Possums of Australia

There are lots of different possums in Australia.

Possums are furry.

Possums are active at night and sleep in the day.

They are plant eaters.

They live in forests and gardens.

Possums are marsupials,so the females have pouches in which the young develop after they are born. Possums are nocturnal, which means they are active at night. In the day, they sleep in tree hollows.




Leadbeater's possum, once thought to be extinct

 

 

 

 




There are many different possums in Australia. Here are some notes about a few of them:

 Species & Description

 Habitat

 Notes

 Striped possum

Black and white striped, about 26 cm long with bushy tail 35cm long.

Highland rainforests northeastern Queensland & New Guinea  Eat beetles and grubs: tap tree with their claws, then gnaw and claw wood to expose them. They have an extra-long finger on each hand to pick out the grubs from the wood. Shy, usually alone. May shriek and growl loudly.No other Australian mammal has markings like this.

More information here:
http://wildlife-australia.com/spossum.htm

 Leadbeater's possum

Faunal emblem of the state of Victoria

Approx 16 cm long, tail 15-18 cm. Tail wider at the tip. Grey or brown, dark stripe from face down back.

Mountain ash forests of Victorian central highlands, about 1000 sq km. A small number of lowland Leadbeater's possums are found in Yellingbo Nature Conservation Reserve, east of Melbourne, 4 kms long and 120 m wide. Timber production area. Suitable nesting hollows only found in old growth trees.

 Lives in small family groups of about 8, all sharing nest. They pair for life. Nests are hollows in trees about 10 metres above ground, filled width shredded bark. Agile leaps through the trees.Feeds on insects, spiders, nectar and sap. Female carries 1-2 young in her pouch for 3 months. Not sighted after 1901 & thought to be extinct till found again in 1961.

'Black Saturday' bushfire in 2009 demolished half their habitat and their population. One bushfire could make them extinct. Captive breeding program now established at Healesville Sanctuary to save this tiny possum and be able to release them into the wild.
Watch a video of scientists checking some at Yellingbo, and a veterinary examination of a male chosen for the captive breeding program.

Endangered.

More information here:
http://cres.anu.edu.au/dbl/lbpossumhp.php

 Green ringtail possum

Thick tail grips branches rather like an extra hand (prehensile). Thick brown fur has a greenish tinge. Small white patch under each eye.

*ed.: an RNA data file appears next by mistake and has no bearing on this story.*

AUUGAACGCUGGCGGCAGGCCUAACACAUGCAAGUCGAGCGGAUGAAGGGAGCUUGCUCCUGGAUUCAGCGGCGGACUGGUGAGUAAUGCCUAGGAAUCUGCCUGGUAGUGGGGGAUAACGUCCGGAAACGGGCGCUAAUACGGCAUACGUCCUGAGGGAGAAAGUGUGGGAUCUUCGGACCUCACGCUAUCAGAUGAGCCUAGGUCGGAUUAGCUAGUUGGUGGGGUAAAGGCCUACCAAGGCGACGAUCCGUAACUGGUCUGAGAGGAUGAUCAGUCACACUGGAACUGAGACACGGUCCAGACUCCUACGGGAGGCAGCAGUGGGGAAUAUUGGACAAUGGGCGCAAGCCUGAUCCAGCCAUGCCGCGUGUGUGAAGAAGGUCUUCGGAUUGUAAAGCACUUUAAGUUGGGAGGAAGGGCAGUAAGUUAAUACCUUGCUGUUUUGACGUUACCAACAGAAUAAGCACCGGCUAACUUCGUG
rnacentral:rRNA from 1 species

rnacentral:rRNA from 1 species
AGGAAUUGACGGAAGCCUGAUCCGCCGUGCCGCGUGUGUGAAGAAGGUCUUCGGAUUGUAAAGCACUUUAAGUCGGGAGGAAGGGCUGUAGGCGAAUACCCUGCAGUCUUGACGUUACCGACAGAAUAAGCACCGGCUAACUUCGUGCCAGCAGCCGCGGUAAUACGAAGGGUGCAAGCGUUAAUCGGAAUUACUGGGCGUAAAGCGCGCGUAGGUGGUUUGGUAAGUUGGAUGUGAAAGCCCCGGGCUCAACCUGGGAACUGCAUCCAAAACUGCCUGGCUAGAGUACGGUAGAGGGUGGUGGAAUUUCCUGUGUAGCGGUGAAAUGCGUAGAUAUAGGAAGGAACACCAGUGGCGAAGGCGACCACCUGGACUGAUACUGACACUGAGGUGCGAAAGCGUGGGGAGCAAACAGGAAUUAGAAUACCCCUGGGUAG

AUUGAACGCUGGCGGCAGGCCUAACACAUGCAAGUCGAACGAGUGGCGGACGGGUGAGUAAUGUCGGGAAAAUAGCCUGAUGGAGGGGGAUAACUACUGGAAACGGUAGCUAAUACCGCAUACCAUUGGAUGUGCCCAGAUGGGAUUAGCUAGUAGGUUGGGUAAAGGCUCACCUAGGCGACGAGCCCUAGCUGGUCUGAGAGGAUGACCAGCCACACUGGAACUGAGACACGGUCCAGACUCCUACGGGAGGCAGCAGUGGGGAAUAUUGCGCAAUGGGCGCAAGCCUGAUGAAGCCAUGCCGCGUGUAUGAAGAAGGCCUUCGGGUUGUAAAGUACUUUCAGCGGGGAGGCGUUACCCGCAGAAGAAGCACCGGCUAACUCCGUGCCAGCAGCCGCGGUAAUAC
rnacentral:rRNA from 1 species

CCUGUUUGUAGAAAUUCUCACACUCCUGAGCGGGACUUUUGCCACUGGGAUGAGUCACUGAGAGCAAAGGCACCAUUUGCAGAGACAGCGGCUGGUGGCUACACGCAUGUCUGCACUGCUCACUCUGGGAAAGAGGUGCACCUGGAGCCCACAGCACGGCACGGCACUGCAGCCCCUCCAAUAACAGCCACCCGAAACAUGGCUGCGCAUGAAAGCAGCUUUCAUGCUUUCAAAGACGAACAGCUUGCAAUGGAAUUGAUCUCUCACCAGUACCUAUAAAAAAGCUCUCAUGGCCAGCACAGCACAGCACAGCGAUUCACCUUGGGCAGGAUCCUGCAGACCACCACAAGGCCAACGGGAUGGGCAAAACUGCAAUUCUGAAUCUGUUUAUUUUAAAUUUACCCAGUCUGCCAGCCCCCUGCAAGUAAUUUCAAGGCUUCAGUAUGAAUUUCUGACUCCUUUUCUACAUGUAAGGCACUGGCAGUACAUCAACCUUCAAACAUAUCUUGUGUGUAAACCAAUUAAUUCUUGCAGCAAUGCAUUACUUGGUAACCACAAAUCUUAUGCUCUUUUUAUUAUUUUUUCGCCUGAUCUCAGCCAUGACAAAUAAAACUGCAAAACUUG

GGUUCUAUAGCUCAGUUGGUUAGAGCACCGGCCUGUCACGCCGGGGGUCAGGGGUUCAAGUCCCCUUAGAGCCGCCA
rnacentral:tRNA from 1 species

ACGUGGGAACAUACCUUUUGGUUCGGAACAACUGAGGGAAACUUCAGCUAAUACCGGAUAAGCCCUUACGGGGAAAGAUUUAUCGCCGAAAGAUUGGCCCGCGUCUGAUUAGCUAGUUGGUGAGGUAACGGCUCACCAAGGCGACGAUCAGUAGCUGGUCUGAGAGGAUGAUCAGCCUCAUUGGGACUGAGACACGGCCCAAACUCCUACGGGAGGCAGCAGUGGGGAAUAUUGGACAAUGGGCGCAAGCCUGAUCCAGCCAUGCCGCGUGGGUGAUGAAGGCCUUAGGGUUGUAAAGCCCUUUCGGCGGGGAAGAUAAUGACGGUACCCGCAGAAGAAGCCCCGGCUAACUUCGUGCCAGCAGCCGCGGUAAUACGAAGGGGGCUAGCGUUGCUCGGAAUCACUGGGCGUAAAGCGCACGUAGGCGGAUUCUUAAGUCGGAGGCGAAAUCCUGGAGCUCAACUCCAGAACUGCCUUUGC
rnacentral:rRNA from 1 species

Northern Queensland, in highland rainforest

Unlike other possums, they do not nest in daytime, but sleep sitting curled up on a branch. Also is active sometimes in day. They are active high up in the treetops. Eat only leaves. Breeds in June/July, usually gives birth to just one young. After it leaves the pouch, the young is carried on mother's back for some time.

Vulnerable.

More information here:
http://rainforest-australia.com/green_ringtail_possum.htm

 Common brushtail possum

Pointed faces, thick furry tails which are not prehensile.

 Southeastern Australia, wooded areas, including suburban parks and gardens  Males are territorial and fight other males entering their territory. Breed in autumn and spring, baby born 18 days after mating. Female has two nipples in pouch but gives birth to single young. Young stays 4-5 months in pouch, then another 1-2 months riding on mother's back.

More information here:
http://www.hotkey.net.au/~perrelink/Possum.htm

Sugar Glider

Measures 30 cm, nose to tip of tail. Weighs less than 150 grams. Membrane for gliding stretches between front and back legs, on both sides. Membrane called patagium.

 
 Along eastern and northern parts of Australia. Eucalypt woodlands.

 Feed on gum and sap of eucalypt trees. They chisel grooves in the bark of the trees with their sharp teeth, then lap the liquid. Also eat fruit, nectar, pollen, insects and spiders. Live in pairs or small groups. Animal stretches its patagium, and glides abokut 50 metres. It controls flight by varying the curve of the membrane on one side or the other. About 3 metres from its target, it brings back legs to the body, swoops upward, and lands on 4 feet. Female carries 2 young in her pouch for 2-3 months. They leave the nest at 4-5 months.

Not endangered, but its relative the Mahogany Glider is very rare, believed to be extinct for 100 years until rediscovered.

More information here:
http://www.australianfauna.com/sugarglider.php

Acknowledge this source in your bibliography like this:
Possums (2007). [Online], Available: www.kidcyber.com.au

See also Pygmy-possums

Back to Animals

Updated
May 2007